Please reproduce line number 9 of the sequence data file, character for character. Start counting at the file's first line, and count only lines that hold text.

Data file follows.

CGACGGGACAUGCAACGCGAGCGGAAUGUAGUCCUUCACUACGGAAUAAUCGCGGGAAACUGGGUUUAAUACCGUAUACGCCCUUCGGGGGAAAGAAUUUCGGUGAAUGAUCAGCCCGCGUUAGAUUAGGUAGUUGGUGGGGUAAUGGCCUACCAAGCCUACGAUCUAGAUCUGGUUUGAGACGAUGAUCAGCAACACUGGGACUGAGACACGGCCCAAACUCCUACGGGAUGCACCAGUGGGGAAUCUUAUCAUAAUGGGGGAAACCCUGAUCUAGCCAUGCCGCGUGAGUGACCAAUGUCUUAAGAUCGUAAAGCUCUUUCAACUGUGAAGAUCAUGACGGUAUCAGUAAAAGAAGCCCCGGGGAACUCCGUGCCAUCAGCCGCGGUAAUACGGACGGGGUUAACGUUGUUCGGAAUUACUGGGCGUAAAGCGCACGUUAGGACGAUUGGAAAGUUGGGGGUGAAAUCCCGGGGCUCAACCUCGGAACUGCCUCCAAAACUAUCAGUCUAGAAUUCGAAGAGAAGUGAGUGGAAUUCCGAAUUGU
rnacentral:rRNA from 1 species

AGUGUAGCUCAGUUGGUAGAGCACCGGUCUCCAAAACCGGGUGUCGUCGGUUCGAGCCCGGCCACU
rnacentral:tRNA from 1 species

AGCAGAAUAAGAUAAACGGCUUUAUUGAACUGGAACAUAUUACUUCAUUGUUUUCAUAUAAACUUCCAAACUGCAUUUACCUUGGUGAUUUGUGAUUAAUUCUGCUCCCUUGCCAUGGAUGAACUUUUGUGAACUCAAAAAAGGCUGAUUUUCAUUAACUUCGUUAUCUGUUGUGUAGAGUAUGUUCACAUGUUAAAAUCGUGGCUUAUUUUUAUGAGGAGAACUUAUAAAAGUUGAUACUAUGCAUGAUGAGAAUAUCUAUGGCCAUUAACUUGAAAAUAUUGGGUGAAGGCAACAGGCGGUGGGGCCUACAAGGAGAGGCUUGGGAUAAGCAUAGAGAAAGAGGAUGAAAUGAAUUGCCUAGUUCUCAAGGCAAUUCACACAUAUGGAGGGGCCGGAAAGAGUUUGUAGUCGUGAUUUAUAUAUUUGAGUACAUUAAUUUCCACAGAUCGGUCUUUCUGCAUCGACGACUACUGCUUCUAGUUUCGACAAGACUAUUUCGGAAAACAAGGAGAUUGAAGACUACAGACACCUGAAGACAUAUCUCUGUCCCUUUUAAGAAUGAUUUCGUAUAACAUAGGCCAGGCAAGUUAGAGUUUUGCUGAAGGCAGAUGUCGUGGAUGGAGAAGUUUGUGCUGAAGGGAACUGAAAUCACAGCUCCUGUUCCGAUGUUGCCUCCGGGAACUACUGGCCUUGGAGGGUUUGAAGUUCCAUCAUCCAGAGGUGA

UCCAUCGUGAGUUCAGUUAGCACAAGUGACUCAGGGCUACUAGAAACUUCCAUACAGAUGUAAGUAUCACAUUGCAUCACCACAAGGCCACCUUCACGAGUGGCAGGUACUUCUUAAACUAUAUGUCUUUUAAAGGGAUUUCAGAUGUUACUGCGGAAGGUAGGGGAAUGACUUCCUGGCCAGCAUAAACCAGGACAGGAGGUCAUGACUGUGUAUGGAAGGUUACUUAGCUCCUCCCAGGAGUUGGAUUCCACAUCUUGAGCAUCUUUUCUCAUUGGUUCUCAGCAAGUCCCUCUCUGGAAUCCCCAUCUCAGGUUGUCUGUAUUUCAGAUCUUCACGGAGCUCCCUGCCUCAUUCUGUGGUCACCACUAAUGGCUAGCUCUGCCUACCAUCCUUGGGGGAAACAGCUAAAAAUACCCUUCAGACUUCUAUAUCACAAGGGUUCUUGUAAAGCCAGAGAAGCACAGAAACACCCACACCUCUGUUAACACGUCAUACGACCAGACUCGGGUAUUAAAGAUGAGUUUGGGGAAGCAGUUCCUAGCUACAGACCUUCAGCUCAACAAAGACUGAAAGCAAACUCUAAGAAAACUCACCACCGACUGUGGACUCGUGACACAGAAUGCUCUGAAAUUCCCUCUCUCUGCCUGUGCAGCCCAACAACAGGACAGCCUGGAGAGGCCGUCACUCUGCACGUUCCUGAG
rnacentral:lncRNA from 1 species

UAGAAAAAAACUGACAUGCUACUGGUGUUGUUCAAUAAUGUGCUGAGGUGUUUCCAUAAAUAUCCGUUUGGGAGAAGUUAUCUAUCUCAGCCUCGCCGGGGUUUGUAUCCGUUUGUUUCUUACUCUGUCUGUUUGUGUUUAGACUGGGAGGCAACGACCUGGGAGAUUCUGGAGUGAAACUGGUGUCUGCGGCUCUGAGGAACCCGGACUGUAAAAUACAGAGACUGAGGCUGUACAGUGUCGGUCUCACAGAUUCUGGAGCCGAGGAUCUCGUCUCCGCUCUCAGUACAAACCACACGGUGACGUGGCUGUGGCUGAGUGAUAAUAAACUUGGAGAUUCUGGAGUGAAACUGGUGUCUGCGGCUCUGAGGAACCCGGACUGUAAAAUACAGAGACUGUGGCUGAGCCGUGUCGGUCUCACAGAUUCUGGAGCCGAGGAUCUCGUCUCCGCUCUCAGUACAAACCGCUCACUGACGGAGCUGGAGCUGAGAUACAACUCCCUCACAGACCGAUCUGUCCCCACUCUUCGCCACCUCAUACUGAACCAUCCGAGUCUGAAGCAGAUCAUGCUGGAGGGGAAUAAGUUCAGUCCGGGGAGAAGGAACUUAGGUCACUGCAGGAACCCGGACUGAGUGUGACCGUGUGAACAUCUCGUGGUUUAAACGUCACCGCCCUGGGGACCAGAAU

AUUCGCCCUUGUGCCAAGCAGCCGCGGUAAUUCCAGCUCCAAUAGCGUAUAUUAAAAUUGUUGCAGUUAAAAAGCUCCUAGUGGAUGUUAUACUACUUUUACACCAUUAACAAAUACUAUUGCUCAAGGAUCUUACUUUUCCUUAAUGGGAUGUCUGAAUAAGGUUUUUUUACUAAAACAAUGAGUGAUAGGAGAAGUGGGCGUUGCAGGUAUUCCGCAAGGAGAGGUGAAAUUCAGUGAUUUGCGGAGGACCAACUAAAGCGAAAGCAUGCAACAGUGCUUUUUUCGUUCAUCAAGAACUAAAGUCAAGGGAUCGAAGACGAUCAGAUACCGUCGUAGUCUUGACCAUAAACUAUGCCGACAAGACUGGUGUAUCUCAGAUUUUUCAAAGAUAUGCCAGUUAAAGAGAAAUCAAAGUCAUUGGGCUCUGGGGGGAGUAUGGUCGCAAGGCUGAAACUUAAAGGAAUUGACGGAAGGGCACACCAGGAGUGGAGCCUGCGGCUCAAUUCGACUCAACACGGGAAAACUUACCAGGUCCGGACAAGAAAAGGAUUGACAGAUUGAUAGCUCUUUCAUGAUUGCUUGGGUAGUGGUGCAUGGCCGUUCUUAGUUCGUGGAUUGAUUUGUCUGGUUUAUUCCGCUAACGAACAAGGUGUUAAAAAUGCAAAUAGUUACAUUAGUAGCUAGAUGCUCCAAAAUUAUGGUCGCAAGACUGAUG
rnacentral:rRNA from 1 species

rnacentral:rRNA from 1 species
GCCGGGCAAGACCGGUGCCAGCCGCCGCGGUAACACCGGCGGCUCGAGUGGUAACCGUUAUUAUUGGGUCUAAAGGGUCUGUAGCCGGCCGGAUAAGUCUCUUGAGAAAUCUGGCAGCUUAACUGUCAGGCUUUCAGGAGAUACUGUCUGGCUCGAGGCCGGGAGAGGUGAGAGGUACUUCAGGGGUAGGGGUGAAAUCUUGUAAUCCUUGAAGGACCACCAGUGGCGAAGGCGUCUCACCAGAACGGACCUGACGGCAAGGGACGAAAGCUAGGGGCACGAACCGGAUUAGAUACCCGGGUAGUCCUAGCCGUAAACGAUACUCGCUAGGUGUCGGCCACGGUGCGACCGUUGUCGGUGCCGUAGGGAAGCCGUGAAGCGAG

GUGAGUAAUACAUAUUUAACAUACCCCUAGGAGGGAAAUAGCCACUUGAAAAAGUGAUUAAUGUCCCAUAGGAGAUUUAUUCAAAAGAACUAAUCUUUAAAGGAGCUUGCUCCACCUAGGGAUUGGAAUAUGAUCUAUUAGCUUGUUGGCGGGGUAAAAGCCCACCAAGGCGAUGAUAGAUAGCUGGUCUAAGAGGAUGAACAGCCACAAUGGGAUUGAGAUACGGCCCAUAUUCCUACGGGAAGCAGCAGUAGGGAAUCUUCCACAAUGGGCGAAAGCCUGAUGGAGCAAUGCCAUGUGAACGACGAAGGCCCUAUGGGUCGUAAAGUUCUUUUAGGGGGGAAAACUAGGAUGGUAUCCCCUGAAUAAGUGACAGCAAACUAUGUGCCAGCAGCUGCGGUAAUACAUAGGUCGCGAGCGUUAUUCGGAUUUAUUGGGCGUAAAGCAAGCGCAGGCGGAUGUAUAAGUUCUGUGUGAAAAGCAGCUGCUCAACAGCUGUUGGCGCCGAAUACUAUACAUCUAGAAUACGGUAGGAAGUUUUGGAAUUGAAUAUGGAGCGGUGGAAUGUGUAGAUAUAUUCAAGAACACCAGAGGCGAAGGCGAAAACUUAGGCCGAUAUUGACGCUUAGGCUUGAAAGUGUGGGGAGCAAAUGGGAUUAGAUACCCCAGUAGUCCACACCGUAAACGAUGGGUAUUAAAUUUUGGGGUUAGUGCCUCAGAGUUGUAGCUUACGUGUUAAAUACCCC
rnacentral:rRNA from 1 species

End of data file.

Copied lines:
AUUCGCCCUUGUGCCAAGCAGCCGCGGUAAUUCCAGCUCCAAUAGCGUAUAUUAAAAUUGUUGCAGUUAAAAAGCUCCUAGUGGAUGUUAUACUACUUUUACACCAUUAACAAAUACUAUUGCUCAAGGAUCUUACUUUUCCUUAAUGGGAUGUCUGAAUAAGGUUUUUUUACUAAAACAAUGAGUGAUAGGAGAAGUGGGCGUUGCAGGUAUUCCGCAAGGAGAGGUGAAAUUCAGUGAUUUGCGGAGGACCAACUAAAGCGAAAGCAUGCAACAGUGCUUUUUUCGUUCAUCAAGAACUAAAGUCAAGGGAUCGAAGACGAUCAGAUACCGUCGUAGUCUUGACCAUAAACUAUGCCGACAAGACUGGUGUAUCUCAGAUUUUUCAAAGAUAUGCCAGUUAAAGAGAAAUCAAAGUCAUUGGGCUCUGGGGGGAGUAUGGUCGCAAGGCUGAAACUUAAAGGAAUUGACGGAAGGGCACACCAGGAGUGGAGCCUGCGGCUCAAUUCGACUCAACACGGGAAAACUUACCAGGUCCGGACAAGAAAAGGAUUGACAGAUUGAUAGCUCUUUCAUGAUUGCUUGGGUAGUGGUGCAUGGCCGUUCUUAGUUCGUGGAUUGAUUUGUCUGGUUUAUUCCGCUAACGAACAAGGUGUUAAAAAUGCAAAUAGUUACAUUAGUAGCUAGAUGCUCCAAAAUUAUGGUCGCAAGACUGAUG